10 Bilingual Japanese Books for Every Language Level

With more than 2,000 common kanji, learning to read Japanese can be daunting.

Bilingual Japanese books are an excellent learning tool to ease into it. 

They’ll obviously help you improve your Japanese reading skills, but that’s not all.

They can also boost your vocabulary, expose you to various grammatical structures and show you conversational Japanese in the form of dialogue. 

Plus, you’ll improve your understanding of Japanese culture, including its idioms and colloquialisms. 

In this post, you’ll get 10 of the best bilingual Japanese books to add to your reading list, organized from easiest to most advanced.


Am-I-Small-japanese-bilingual-book 1. Am I small? わたし、ちいさい? by Philipp Winterberg 

Level: Beginner

This charming book captures the essence of a universal childhood question and is great if you’re just starting out on your Japanese learning journey. 

The tale follows a young protagonist as she navigates the world, pondering her size relative to others. With simple language and sentence structures, you can easily follow along with the story while picking up new vocabulary and grammar. 

The English and Japanese text are on the same page, so you don’t have to flip back and forth to see the translation. 

Children’s books are perfect for new language learners, and this one is especially helpful with its bilingual text, vibrant illustrations and engaging narrative. 

2. “Japanese Stories for Language Learners” by Anne McNulty and Eriko Sato

Level: Beginner to Intermediate 

japanese-stories-for-language-learners This beautifully illustrated book presents five captivating tales in both English and Japanese, engaging learners in a linguistic and cultural adventure.

The stories range from traditional folktales to 20th-century literary gems and each ones comes with translator’s notes, vocabulary lists, grammar explanations, discussion questions and exercises, transforming the book into a set of comprehensive language lessons.

Two renowned folktales, “Urashima Taro” and “Yuki Onna,” are followed by three modern classics. The included free audio recording features native speakers reading the stories aloud, allowing you to work on your listening skills as well.

This book takes you on a journey through Japanese literature that will deepen your language comprehension with plenty of support and extra learning tools.

3. “Reading Japanese with a Smile”

Level: Beginner to Intermediate

Reading Japanese with a Smile: Nine Stories from a Japanese Weekly Magazine for Intermediate Learners (English and Japanese Edition)Taken from the weekly magazine Shukan Asahi and edited by Tom Gally, these nine stories take a close and curious look at contemporary Japan

These stories are all true, engaging and short enough to sample in bursts. Each story is followed by a simple translation, a short glossary of words and phrases, a list of reverse derivations of verbs and adjectives and detailed notes on culture, vocabulary and grammar.

The repetitive format of the book reinforces vocabulary several times. First, the entire original story and the English translation are presented face-to-face. They’re followed by the original story presented again one or two sentences at a time with furigana and notes included.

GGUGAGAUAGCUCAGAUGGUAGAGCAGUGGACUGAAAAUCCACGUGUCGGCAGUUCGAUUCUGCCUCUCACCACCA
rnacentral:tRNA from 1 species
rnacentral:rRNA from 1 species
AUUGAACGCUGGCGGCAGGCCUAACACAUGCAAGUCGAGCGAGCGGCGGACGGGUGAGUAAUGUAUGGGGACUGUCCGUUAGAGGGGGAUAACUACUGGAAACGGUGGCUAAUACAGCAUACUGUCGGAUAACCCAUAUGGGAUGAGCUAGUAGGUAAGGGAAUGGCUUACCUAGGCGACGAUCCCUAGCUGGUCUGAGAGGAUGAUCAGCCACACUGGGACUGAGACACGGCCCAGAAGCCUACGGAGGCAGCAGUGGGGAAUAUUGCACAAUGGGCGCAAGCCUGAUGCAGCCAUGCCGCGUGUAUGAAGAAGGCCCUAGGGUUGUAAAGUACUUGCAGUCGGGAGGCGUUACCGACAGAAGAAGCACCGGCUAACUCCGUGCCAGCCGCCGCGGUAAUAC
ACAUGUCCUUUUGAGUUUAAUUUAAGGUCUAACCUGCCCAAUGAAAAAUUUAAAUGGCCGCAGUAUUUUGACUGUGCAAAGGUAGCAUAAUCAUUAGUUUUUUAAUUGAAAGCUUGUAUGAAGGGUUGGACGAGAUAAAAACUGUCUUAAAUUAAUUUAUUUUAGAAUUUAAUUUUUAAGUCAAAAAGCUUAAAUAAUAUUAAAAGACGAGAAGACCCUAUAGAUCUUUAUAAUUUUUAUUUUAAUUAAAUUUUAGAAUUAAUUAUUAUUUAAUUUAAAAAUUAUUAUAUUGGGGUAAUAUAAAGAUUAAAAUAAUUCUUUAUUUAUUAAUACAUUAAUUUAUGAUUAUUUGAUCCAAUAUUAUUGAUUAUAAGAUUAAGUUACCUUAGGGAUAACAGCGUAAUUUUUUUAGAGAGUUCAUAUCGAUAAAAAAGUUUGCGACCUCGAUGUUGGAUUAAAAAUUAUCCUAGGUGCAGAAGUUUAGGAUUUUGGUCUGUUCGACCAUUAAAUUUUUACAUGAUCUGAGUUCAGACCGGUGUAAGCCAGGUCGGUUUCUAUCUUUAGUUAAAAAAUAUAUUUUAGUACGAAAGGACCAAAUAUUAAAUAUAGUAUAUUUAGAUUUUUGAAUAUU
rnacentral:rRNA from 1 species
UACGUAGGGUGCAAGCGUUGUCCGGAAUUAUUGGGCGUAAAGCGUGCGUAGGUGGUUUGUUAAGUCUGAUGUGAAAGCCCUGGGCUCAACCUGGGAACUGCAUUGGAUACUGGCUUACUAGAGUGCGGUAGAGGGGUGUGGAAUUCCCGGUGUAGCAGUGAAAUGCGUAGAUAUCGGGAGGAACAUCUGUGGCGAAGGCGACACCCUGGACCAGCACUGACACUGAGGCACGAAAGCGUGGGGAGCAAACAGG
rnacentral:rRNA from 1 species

4. “Mangajin’s Basic Japanese Through Comics” by Ashizawa Kazuk

Level: Beginner to Intermediate

Basic Japanese Through Comics Part 1: Compilation Of The First 24 Basic Japanese Columns From Mangajin Magazine (English and Japanese Edition)“Mangajin’s Basic Japanese Through Comics” (parts one and two) is a great resource to deepen your cultural understanding of seemingly basic material.

With the help of comic excerpts and politeness levels, this book elaborates on simple words like はい and all the social situations and nuances that come with it.

The comics used tend to focus on daily life in school or the office, in real situations that you may just come across in Japan.

Politeness is indicated by levels 1-4 to give readers a hint. Among the topics covered are the many uses of あの, すみません and even ばか.

5. “Read Real Japanese Fiction: Short Stories by Contemporary Writers”

Level: Intermediate

Read Real Japanese Fiction: Short Stories by Contemporary WritersThis book presents six stories written originally for Japanese audiences. The texts challenge readers with modern, provocative works of horror and offbeat poetry.

The text runs from top to bottom, right to left, with a face-to-face English translation on the side.

There’s a short introduction to each text, a glossary in the back and the enthusiastic footnotes of editor Michael Emmerich thoroughly explain nuances of culture, usage and grammar.

The stories range from light and sweet to strange and poetic, by authors such as Kawakami Hiromi and Tawada Yoko. As an added bonus, a CD is included for you to listen to while you read along with the text.

6. “Japanese Myths, Legends & Folktales” by Yuri Yasuda

Level: Intermediate

japanese-myths-legends-and-folktales-bookcover This captivating book invites readers into the enchanting world of Japanese folklore. It’s meant for children and older language learners who want to practice their reading skills with material they can get lost in.

The book offers both English and Japanese versions of traditional tales that have woven themselves into the cultural fabric of Japan.

As you flip through the pages, you’ll encounter a rich tapestry of mythical creatures, heroic legends and age-old folktales that have been passed down through generations—along with gorgeous illustrations by two well-known Japanese illustrators.

The book not only showcases the beauty of these narratives but also provides a valuable language-learning experience, enabling you to explore the stories in both languages simultaneously.

7. “Exploring Japanese Literature”

Level: Intermediate to Advanced

Exploring Japanese Literature: Read Mishima, Tanizaki, and Kawabata in the OriginalThis book is Giles Murray’s sequel to #2 on the list. This one contains three pieces of writing from literary giants Yasunari Kawabata, Yukio Mishima and Junichiro Tanizaki. Their works are must-reads for any student of world literature.